Report Finds Majority of Antivirus Apps on Google Play to be Frauds

Yolanda Curtis
March 16, 2019

The report noted the irony of many antiviruses apps proving themselves as malware as a commentary on the pathetic state of affairs in the Android antivirus industry. You can check out the list of all the 250 apps tested at the results page.

Despite security researchers proving that they can still track devices with randomized MAC addresses, supporting this feature will reduce the efficiency of some data harvesting and user tracking operations.

Google points out that this new policy only applies to the Play Store when viewed on Android, your desktop browser, or on Chrome OS. Apps in the personalization and utility categories such as Volumen Booster, My name on Live Wallpaper, Deleted Photo Recovery, Secret screen recorder, Phone Finder, or Face Beauty Makeup were downloaded at least 500,000 times and upwards of a million times. All they did was check their package names instead of code.

Report Finds Majority of Antivirus Apps on Google Play to be Frauds

Apps can access clipboard data while in the OS background if they are also the default input method editor (IME) -aka the default keyboard apps.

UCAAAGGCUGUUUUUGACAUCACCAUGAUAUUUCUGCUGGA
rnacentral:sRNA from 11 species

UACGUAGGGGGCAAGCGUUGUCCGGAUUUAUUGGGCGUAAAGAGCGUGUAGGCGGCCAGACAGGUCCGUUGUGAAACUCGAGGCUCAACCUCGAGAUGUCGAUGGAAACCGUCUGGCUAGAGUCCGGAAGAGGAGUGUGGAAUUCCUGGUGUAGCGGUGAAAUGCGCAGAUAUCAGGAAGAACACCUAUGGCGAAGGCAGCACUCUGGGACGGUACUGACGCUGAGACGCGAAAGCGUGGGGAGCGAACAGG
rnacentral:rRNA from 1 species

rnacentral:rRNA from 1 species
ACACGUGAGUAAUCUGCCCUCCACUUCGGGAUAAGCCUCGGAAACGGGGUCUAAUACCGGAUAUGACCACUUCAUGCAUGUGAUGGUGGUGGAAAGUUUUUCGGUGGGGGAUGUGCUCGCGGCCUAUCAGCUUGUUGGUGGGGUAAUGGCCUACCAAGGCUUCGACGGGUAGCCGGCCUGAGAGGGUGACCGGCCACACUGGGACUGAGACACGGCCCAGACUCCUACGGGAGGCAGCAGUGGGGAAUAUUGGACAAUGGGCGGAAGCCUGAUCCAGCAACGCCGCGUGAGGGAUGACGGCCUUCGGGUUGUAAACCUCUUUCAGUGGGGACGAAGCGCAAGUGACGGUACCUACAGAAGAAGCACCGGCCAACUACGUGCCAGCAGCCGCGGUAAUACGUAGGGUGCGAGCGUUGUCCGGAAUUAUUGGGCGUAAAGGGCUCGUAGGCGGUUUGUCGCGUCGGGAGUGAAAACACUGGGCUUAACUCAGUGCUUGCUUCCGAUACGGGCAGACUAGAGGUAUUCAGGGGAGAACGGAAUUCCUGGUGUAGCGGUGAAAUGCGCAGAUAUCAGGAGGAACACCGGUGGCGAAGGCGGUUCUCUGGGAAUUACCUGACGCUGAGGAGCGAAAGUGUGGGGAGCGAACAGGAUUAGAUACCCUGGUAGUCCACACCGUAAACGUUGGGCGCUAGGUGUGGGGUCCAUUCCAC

It flags @signalapp and @PayPal as apps with high risk.

Would you use AntiVirus that detect itself as risky app? This could turn out to be a unsafe approach as hackers would use similar package names of their malicious apps to bypass the security. About 10 percent of the apps tested appeared to come from amateur developers more focused on advertising and monetization than security.


The organization's gruelling testing process considered the 30% detection mark as a threshold between legitimate antivirus apps and those it considered ineffective or downright unsafe.

Fake antivirus - - has over 10K installs but isn't scanning any files for malware.

One of the biggest changes Google has made to Android's privacy is that Android Q will now offer better location settings for apps. Others are developed for ad purposes especially the free ones. In some cases, the apps are simply buggy, e.g. because they have poorly implemented a third-party engine.


Use common sense plus this handy list we created for you. "Others detect only a handful of ancient Android malware samples, and allow any apps that contain certain strings, making them likely to pass some quick checks and thus be accepted by the app stores", the site said. The hysteria over Android malware is a bit overblown, but it's led to the proliferation of anti-malware apps that promise to keep your phone squeaky clean.

If you still have to download an antivirus app, be cautious of what you're getting into.


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